Most popular social networking service Twitter Inc. has been working on a completely new feature that gives its users the ability to post tweets as long as 10,000 characters. Users must note that the current limit stands at just 140 characters. This news has also been reported by technology news website Re/code this Tuesday.However, Twitter declined to comment.
Though the company has not revealed any official date as to when this new feature would be launched, but it is expected towards the end of first quarter and an expansion of the limit to 10,000 characters would allow users to post tweets with 1000 words inclusive of spaces and punctuations. However, it's still not confirmed since the character limit can be changed before the final updated version is rolled out.
Jack Dorsey, the company's co-founder, who returned as chief executive in October, in a series of tweets did not say whether Twitter would expand the limit. But he did call it a beautiful constraint. He further added that the company has seen more people sharing screenshots of text, which are a way to get around the 140-character limit. We're not going to be shy about building more utility and power into Twitter for people, Dorsey wrote in a screenshot of text that was longer than 140 characters. As long as it's consistent with what people want to do, we're going to explore it.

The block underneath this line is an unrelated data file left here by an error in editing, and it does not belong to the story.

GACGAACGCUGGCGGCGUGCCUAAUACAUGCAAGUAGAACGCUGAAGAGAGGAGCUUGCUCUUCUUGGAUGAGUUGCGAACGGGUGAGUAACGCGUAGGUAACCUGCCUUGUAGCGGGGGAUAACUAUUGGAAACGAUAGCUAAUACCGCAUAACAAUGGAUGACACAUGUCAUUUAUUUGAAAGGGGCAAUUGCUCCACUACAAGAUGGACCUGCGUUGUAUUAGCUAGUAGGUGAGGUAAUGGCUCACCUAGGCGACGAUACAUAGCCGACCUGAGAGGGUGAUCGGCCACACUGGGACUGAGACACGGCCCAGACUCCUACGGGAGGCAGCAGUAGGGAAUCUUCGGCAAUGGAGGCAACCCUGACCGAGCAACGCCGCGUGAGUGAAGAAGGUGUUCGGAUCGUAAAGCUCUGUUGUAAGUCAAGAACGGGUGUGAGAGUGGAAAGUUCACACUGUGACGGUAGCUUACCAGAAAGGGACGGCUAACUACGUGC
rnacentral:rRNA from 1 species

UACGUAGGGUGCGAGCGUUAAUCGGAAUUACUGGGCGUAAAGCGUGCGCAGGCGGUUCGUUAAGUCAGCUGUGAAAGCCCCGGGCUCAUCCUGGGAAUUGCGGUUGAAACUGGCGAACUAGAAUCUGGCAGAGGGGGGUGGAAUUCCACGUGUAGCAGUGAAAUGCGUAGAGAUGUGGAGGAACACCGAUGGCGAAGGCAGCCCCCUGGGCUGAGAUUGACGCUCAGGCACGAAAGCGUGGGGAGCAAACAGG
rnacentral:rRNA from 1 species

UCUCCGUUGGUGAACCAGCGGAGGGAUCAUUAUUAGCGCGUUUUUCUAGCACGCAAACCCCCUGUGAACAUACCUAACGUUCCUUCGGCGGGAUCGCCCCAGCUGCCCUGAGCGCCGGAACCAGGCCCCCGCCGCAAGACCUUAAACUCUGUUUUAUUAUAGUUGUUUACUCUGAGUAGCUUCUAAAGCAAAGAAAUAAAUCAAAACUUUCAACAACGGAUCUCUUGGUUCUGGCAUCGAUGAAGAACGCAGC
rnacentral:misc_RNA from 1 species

The website also reports that the social networking website is testing a version of the new update that displays the 140-character limit only, but when a user clicks on the tweet it expands by itself. This is also done as an attempt to not change the current look of the Twitter timeline and to make it more engaging and user-friendly.Critics and others also think of it as an attempt to regain the trust of users which went loose after photo-sharing app Instagram (now owned by Facebook Inc.) took over and to increase the ad-revenue.
Like it happens, this new update news too is receiving mixed opinions from all quarters, while some users welcome it with open hands and are quite excited to use it, there are some who took to Twitter to express their opposition to the possible longer tweet with the hashtag #beyond140.